Relief–If bored, lonely, unhappy, scared, angry, or feeling pressured, some people try a drug or drink alcohol for quick relief.

Increased use–To feel the same relief, the person must take more of the drug or alcohol more often.

Preoccupation–The person frequently thinks about taking the drug and/or about its effects. Daily use becomes the norm. Problems with parents, relationships, or school increase.

Dependency–More of the drug or alcohol is needed just to feel OK. Physical signs such as coughing, sore throat, runny nose, weight loss, and fatigue are common Blackouts and overdosing may occur. The person now has an addiction.

Withdrawal–If users can’t get the drug, most experience withdrawal symptoms: itching, chills, feeling tense, nausea, sweating, and stomach pain.

These physical effects vary, depending on the drug, but are signs that a teen is smoking tobacco, drinking alcohol, or using other psychoactive drugs.

Watch Out!

Use these questions to detect drug use or addiction:

* When faced with a problem or stressful situations, does the person drink, smoke, or use other drugs?

* Does the person drink until drunk?

* Does the person miss school, work, or fun times because of alcohol or other drugs?

* Is the user preoccupied with how to get drugs?

* Does the person drive while drunk or high?

* Can the person have fun only if using drugs or alcohol?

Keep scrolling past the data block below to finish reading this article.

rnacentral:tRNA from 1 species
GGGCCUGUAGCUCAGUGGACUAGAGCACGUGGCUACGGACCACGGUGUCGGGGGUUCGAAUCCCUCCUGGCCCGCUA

* Has home and/or school become intolerable because of drinking or drug taking? Or is the person drinking or taking drugs because of a miserable home life?

* Has the tobacco, alcohol, or drug user tried to quit and failed?

Teen drug users may hide or carry cigarettes, alcohol, or drugs; have abrupt mood or attitude changes or unusual flares of temper; steal, or borrow more and more money from family members or friends. They may skip school or let grades slip. Also some teens start hanging out with a new group of friends who use drugs.

Heading Off Trouble

People who take drugs or alcohol for fun or to deal with unhappiness may find they can’t stop and end up addicted. Teen drug abuse often starts with alcohol or tobacco. Although legal for adults, these drugs are illegal for teens. Users may next try an illegal drug such as marijuana, then possibly others. Use of other illegal drugs such as cocaine and heroin is unusual in those who have not previously used alcohol, tobacco, or marijuana. So, the surest way to head off an addiction is to not use these psychoactive drugs:

* Alcohol, a depressant, is the world’s most widely used drug. It slows down the brain, body systems, and reactions. More people are addicted to alcohol than to any other drug. This addiction is called alcoholism.

* The addicting ingredient in tobacco is nicotine, a stimulant. Users find nicotine addiction difficult to break because nicotine is a potent drug with painful withdrawal symptoms. More teens are addicted to tobacco than to alcohol.

* Other psychoactive, drugs include marijuana, PCP, and solvents. Marijuana remains the most commonly used illegal drug in the United States. People can become psychologically dependent on marijuana and find it hard to stop using it. Cravings to smoke marijuana are very intense. Withdrawal from PCP also causes extreme cravings for the drug. Although inhalants are legal products (glue, hair spray, paint thinner, etc.), some people use them illegally. Inhalants depress the central nervous system. They can affect liver function and can kill.